The race for the White House between Sens. John McCain and Barack Obama is driving unprecedented interest in the upcoming election. More than 3.5 million citizens have registered to vote for the first time. And all indications are that voter turnout will reach record levels when polls open on Nov. 4.
Chances are, some (if not all) of your employees will want to take part of the day off to cast their ballots. Must you let them?
No federal law requires employers to grant leave for the purpose of voting. However, most states have laws that do. Many specifically address situations in which an employee’s work hours do not permit sufficient time to vote during the hours polls are open.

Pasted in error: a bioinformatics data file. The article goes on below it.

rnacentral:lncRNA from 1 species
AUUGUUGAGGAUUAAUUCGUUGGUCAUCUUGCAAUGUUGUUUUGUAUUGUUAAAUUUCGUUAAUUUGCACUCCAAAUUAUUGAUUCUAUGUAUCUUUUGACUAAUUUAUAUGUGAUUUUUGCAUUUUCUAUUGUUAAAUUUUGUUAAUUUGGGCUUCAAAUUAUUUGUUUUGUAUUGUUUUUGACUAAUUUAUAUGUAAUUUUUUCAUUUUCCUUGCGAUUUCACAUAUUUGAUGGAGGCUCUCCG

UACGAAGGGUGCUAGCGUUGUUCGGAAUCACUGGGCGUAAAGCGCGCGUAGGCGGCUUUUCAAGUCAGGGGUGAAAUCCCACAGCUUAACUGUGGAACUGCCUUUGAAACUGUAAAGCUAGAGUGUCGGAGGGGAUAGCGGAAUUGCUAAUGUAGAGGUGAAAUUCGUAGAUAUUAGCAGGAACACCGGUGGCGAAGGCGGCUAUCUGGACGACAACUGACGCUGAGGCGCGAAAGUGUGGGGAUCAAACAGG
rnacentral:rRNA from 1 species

See below for a full state-by-state rundown of voting leave laws.
Remember that flexibility can be the key when it comes to encouraging employees to vote. While your state law may not mandate paid time off, there’s nothing that prohibi...(register to read more)
- New penalties under Texas wage-theft law? I heard it's now a criminal offense
- Neutral comment doesn't prove pregnancy discrimination
- Employees who agree to arbitration lose federal option in FMLA, NJLAD cases
- Avoid lawsuits by sticking to performance when you fire
- Encourage healthy behavior with wellness reminders